Can you still test positive for COVID after 14 days?

Many people can have positive rapid antigen test several weeks after recovery.

You will need protection for an extended period.


The coronavirus continues to plague humanity well into 2023. The clinical presentation of the disease is variable across different communities and regions. While the usual course of infection is 1-2 weeks, and a negative test after this period is thought to signal the end of disease and cessation of isolation, however, some people continue to test positive after this period.

You may continue to test positive for COVID-19 for several days even if the clinical signs have subsided.

Why is it so? This phenomenon is due to the problems with the individual immunity and sensitivity and specificity of the tests used. Should these people continue to practice isolation until a negative test? The opinions of the medical community are divided. Let's summarise some important facts about it. 

Learn more about COVID-19 on our Health Hub.

Are you still positive after 14 days?

A person can be tested positive even if the clinical signs have disappeared for up to 2 weeks. There are multiple reasons for this, however, the introduction of new variants is the most likely cause. These newer variations of the virus has can linger in the body for longer, which means a positive test result may still occur after 14 days. 

How does a COVID test work?

The COVID tests are conducted on the blood or the swab samples from your throat or nose. Currently, two types of COVID tests are being used;

Nucleic acid amplification tests (e.g., PCR)

Nucleic acid amplification tests detect the viral genetic material in your body for as long as 90 days after the infection. These tests are conducted in the laboratory and are the most accurate for asymptomatic people. However, PCR tests take a longer time to give results. These tests are used to confirm the positive test results from the antigen tests.

Our Fit to Fly COVID test is a PCR test and gives results within 8 hours. Click here to get your test kit. The user manual in the kit provides all the technical details about the test.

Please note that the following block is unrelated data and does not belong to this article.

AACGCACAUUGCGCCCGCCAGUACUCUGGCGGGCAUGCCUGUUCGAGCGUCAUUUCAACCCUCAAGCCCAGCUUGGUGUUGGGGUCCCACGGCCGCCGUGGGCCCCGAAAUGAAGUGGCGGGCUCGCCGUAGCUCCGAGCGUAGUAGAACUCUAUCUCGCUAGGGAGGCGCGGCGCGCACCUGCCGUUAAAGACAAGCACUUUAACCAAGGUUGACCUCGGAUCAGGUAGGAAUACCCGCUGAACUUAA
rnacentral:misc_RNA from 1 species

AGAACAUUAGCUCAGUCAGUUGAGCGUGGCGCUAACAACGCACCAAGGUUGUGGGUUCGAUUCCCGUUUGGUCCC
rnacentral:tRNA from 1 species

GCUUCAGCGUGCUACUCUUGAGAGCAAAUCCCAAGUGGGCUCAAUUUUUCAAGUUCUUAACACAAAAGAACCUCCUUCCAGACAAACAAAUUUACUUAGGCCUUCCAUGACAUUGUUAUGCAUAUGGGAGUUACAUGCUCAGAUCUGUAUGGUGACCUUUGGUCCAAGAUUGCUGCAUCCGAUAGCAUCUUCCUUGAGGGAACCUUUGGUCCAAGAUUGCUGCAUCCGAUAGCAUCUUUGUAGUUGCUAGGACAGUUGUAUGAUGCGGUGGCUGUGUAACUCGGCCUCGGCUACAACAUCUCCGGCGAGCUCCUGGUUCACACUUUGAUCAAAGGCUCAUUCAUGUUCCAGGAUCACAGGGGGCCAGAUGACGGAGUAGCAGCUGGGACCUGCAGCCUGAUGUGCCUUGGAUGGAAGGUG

Antigen/ antibody tests

These are rapid screening tests and give results within 15-30 minutes. These tests detect the viral antigens (proteins) or the antibodies produced in response to these antigens in the blood. These tests are good for initial screening but need to be more accurate. Therefore, a negative test should be viewed with suspicion until a second negative test confirms the findings 48 hours later.

A positive rapid test should be combined with clinical signs and symptoms. Some tests have also been developed to detect and quantify the antibodies produced in response to the viral antigens. The antibody levels also reflect the level of immunity. Order one of these antibody tests by clicking here.

The healthcare worker taking the sample from a COVID patient.


For most patients, the rapid antigen tests are positive for up to 10 days. But, there are still some individual variations. Let's know what are the causes of these variations. 

Read more about antigen tests on our Health Hub.

How can a person stay positive for a longer time on rapid tests?

While it is not expected, it is still probable. A lot of factors can cause you to stay positive even after 10 days, e.g.,

Different viral variants

The virus also responds to challenges, giving rise to different variants. The immune system responds differently to different variants. So, these variants also behave differently in rapid tests. Some studies confirm it e.g., 

  • A report published in the New York Times noted that different omicron variants spread quickly within the body and also within the community. The viral levels peak within 5 days of detection (a positive test). However, many people continue to test positive for more than 14 days after the end of the infection.

  • Similarly, another review published in 2022 noted that among the people who tested positive for omicron and developed clinical signs, 20% continued to test positive after 11 days of the appearance of signs and symptoms. It was attributed to the remnants of viral antigens/antibodies in the blood that persisted after the end of the disease.

Similarly, the data is variable for other variants too. According to immunologists and virologists, this variability is related to the variable nature of the human immune system, and it's the variable ability to respond to different these variants and clear them from the body.

The quest for the reason has noted many other factors. Some of these factors are;

A weaker immune system

The immune system is tasked with defending the body from foreign invasions. A strong immune system will fight and eliminate the virus within a few weeks. But, people having weaker immune systems are likely to take much longer to clear the viral load, although some people with apparently good immunity also continue to test positive for a long.

The same is the case for the people who have been vaccinated and have developed good immunity against the virus but are still testing positive for COVID-19.